CAIRO - In a room in eastern Cairo on the campus of Al Azhar University is a room filled with about 50 computers.
Here, religious scholars do battle with terrorists, fighting them not with guns, but with words and theology.
This is the Al Azhar Observatory for Foreign Languages, which monitors extremist ideology online, trawling through websites and social media in nine different languages - including English, Mandarin and Urdu - before publishing rebuttals of their own.
It is one of Egypt's key institutions that help it combat religious extremism in the country and beyond. On Monday afternoon (Oct 31), President Tony Tan Keng Yam met Al Azhar Grand Imam Ahmed Al Tayyeb, and toured the observatory
Al Azhar, one of the oldest universities in the world, is a top destination for Singaporeans pursuing Islamic studies.
Dr Tan, who is on his first state visit to Egypt, met Dr Al Tayyeb before the tour, where they discussed how both countries can promote religious tolerance and understanding.
The observatory was set up in 2015 by Dr Al Tayyeb, a key Egyptian figure who has called for tolerance in a region fractured by religious differences.
Dr Al Tayyeb has been travelling the world meeting and building bridges with leaders of other religions - including Pope Francis, whom he met in May (2016) - said his consultant for foreign relations, Mr Abdel Rahman Moussa.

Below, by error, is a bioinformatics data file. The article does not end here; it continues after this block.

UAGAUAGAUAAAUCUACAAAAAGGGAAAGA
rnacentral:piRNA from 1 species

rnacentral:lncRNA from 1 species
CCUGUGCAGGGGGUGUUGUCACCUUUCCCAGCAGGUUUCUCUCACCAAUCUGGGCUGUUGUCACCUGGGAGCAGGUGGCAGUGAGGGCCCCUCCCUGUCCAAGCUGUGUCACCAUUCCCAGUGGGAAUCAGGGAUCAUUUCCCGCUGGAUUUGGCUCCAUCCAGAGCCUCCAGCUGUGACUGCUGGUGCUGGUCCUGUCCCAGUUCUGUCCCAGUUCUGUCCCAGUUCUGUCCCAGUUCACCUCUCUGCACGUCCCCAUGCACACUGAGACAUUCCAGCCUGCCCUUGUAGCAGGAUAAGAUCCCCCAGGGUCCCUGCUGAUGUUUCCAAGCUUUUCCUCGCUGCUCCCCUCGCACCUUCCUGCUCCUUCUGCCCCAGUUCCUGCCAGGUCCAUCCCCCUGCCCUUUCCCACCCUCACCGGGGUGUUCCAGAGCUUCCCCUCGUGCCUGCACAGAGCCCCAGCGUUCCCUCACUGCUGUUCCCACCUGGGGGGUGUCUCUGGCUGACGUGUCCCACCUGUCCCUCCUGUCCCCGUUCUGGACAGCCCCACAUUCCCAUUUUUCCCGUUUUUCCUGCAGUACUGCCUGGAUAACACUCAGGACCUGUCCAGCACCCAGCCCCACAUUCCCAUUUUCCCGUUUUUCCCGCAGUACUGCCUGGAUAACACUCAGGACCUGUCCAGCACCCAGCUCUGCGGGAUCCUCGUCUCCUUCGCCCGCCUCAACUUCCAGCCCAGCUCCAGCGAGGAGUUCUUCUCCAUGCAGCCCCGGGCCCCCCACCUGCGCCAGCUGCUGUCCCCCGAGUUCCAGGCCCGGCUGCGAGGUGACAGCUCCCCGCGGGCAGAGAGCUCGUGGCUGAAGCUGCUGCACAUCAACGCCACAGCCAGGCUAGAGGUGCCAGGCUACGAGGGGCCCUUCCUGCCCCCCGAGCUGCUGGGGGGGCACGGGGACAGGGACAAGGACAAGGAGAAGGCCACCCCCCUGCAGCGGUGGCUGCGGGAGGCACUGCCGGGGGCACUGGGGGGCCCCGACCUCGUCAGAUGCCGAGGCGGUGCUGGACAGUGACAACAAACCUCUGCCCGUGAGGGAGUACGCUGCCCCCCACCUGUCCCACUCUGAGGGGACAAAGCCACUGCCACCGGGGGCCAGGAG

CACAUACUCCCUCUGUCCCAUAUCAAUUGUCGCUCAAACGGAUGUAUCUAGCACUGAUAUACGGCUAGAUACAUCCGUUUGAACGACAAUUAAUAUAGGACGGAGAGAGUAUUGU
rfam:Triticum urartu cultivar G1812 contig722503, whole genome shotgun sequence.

He added that battling extremism is the Grand Imam's "main concern", and the observatory was set up to counter efforts by terrorist groups such as the Islamic State in Iraq and Syria (ISIS) to use social media to radicalise converts.
"We decided quickly to establish this observatory... to answer and refute all these allegations and thoughts of the terrorist groups, which spread all over the world," said Mr Moussa.
The battle can be fierce, some terror groups can issue thousands of erroneous messages a day - ISIS for instance can send between 4,000 to 7,000 rulings to its followers all around the world daily, said Mr Moussa.
Religious scholars at the observatory find these messages, analyse them and respond immediately online on the same social media platforms using Islamic law and theology, he added.
They do so "in order to refute these ideas and to explain to youths the proper thoughts and ideas, and how all these allegations... are false, and don't have any connection with Islam, Muslims and the Islamic cause".
For instance, one common misconception is the idea that Muslims must establish and live in an Islamic State, or caliphate - the raison d'etre of ISIS.
"There is no Islamic state in Islam at all... we are refuting all these ideas at the moment," said Mr Moussa.
Earlier on Monday, Dr Tan also called on Egyptian President Abdel Fattah al-Sisi.
On Tuesday (Nov 1), he is scheduled to meet Egyptian Prime Minister Sherif Ismail in the morning, before attending a special graduation ceremony for 45 Singaporean Al Azhar students in the evening.